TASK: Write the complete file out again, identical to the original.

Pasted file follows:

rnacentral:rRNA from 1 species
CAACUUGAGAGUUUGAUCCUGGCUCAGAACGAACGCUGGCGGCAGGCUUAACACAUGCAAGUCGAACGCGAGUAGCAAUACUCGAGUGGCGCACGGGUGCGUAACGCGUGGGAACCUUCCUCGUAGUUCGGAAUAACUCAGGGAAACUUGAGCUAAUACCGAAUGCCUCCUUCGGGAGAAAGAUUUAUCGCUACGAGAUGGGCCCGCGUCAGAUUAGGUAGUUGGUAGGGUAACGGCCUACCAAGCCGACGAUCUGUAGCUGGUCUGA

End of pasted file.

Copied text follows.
rnacentral:rRNA from 1 species
CAACUUGAGAGUUUGAUCCUGGCUCAGAACGAACGCUGGCGGCAGGCUUAACACAUGCAAGUCGAACGCGAGUAGCAAUACUCGAGUGGCGCACGGGUGCGUAACGCGUGGGAACCUUCCUCGUAGUUCGGAAUAACUCAGGGAAACUUGAGCUAAUACCGAAUGCCUCCUUCGGGAGAAAGAUUUAUCGCUACGAGAUGGGCCCGCGUCAGAUUAGGUAGUUGGUAGGGUAACGGCCUACCAAGCCGACGAUCUGUAGCUGGUCUGA